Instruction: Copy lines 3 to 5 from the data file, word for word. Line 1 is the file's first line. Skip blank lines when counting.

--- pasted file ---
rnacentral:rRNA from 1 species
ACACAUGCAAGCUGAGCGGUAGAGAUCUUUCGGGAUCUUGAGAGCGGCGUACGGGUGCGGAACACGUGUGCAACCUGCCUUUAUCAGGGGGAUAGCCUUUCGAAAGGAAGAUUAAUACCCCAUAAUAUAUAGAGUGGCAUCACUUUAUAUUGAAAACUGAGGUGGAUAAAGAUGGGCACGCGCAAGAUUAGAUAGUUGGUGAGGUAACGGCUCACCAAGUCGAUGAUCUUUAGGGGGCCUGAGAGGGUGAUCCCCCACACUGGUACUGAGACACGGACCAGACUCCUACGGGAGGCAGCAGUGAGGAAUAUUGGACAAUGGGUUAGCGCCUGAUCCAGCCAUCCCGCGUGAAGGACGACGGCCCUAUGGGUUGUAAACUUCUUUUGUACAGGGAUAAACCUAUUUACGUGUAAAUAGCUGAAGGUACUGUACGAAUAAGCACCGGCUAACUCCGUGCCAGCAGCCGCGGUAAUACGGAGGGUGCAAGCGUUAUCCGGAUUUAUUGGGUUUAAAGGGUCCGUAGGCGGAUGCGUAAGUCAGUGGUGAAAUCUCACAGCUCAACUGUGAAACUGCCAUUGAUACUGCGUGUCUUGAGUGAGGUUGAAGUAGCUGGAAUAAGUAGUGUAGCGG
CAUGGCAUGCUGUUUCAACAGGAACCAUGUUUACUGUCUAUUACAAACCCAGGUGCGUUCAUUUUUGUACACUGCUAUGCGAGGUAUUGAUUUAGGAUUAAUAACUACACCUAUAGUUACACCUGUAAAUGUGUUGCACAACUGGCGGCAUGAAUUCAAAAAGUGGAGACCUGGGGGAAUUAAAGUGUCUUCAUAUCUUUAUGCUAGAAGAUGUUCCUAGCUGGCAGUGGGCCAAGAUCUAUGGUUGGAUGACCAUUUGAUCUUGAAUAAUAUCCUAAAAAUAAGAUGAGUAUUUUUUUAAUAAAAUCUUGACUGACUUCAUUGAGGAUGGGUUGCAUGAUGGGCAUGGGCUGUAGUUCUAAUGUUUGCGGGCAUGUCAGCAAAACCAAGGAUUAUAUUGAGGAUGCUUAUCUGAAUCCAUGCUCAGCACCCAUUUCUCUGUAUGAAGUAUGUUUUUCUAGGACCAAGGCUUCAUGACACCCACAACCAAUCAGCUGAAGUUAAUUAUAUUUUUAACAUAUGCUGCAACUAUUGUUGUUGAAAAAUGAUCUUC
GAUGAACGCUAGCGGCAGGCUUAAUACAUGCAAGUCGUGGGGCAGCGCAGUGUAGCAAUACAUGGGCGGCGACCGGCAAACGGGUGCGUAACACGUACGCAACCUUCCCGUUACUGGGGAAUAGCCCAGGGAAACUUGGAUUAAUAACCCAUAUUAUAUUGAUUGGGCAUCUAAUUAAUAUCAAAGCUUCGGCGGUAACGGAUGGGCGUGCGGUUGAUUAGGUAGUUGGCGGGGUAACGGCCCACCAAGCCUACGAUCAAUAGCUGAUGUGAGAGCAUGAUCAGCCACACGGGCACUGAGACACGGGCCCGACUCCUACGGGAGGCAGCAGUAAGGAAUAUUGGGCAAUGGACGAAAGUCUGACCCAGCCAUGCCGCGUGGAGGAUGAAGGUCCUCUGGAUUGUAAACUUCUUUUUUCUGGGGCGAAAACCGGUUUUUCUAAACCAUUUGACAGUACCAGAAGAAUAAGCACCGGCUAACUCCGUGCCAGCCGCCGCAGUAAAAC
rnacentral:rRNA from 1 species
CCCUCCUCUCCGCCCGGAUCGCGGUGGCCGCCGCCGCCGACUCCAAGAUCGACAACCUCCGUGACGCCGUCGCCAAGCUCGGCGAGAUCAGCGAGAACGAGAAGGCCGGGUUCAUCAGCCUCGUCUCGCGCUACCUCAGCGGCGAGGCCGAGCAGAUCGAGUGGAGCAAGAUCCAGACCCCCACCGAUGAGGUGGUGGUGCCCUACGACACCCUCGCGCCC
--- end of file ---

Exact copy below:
CAUGGCAUGCUGUUUCAACAGGAACCAUGUUUACUGUCUAUUACAAACCCAGGUGCGUUCAUUUUUGUACACUGCUAUGCGAGGUAUUGAUUUAGGAUUAAUAACUACACCUAUAGUUACACCUGUAAAUGUGUUGCACAACUGGCGGCAUGAAUUCAAAAAGUGGAGACCUGGGGGAAUUAAAGUGUCUUCAUAUCUUUAUGCUAGAAGAUGUUCCUAGCUGGCAGUGGGCCAAGAUCUAUGGUUGGAUGACCAUUUGAUCUUGAAUAAUAUCCUAAAAAUAAGAUGAGUAUUUUUUUAAUAAAAUCUUGACUGACUUCAUUGAGGAUGGGUUGCAUGAUGGGCAUGGGCUGUAGUUCUAAUGUUUGCGGGCAUGUCAGCAAAACCAAGGAUUAUAUUGAGGAUGCUUAUCUGAAUCCAUGCUCAGCACCCAUUUCUCUGUAUGAAGUAUGUUUUUCUAGGACCAAGGCUUCAUGACACCCACAACCAAUCAGCUGAAGUUAAUUAUAUUUUUAACAUAUGCUGCAACUAUUGUUGUUGAAAAAUGAUCUUC
GAUGAACGCUAGCGGCAGGCUUAAUACAUGCAAGUCGUGGGGCAGCGCAGUGUAGCAAUACAUGGGCGGCGACCGGCAAACGGGUGCGUAACACGUACGCAACCUUCCCGUUACUGGGGAAUAGCCCAGGGAAACUUGGAUUAAUAACCCAUAUUAUAUUGAUUGGGCAUCUAAUUAAUAUCAAAGCUUCGGCGGUAACGGAUGGGCGUGCGGUUGAUUAGGUAGUUGGCGGGGUAACGGCCCACCAAGCCUACGAUCAAUAGCUGAUGUGAGAGCAUGAUCAGCCACACGGGCACUGAGACACGGGCCCGACUCCUACGGGAGGCAGCAGUAAGGAAUAUUGGGCAAUGGACGAAAGUCUGACCCAGCCAUGCCGCGUGGAGGAUGAAGGUCCUCUGGAUUGUAAACUUCUUUUUUCUGGGGCGAAAACCGGUUUUUCUAAACCAUUUGACAGUACCAGAAGAAUAAGCACCGGCUAACUCCGUGCCAGCCGCCGCAGUAAAAC
rnacentral:rRNA from 1 species